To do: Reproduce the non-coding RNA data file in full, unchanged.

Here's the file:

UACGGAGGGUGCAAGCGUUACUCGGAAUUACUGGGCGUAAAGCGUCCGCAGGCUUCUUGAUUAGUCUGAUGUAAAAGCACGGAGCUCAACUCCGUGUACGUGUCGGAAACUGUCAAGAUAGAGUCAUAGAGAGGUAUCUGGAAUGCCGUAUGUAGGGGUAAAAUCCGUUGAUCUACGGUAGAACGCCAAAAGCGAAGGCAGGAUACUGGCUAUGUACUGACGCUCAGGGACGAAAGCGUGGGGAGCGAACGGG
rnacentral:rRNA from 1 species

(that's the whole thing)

UACGGAGGGUGCAAGCGUUACUCGGAAUUACUGGGCGUAAAGCGUCCGCAGGCUUCUUGAUUAGUCUGAUGUAAAAGCACGGAGCUCAACUCCGUGUACGUGUCGGAAACUGUCAAGAUAGAGUCAUAGAGAGGUAUCUGGAAUGCCGUAUGUAGGGGUAAAAUCCGUUGAUCUACGGUAGAACGCCAAAAGCGAAGGCAGGAUACUGGCUAUGUACUGACGCUCAGGGACGAAAGCGUGGGGAGCGAACGGG
rnacentral:rRNA from 1 species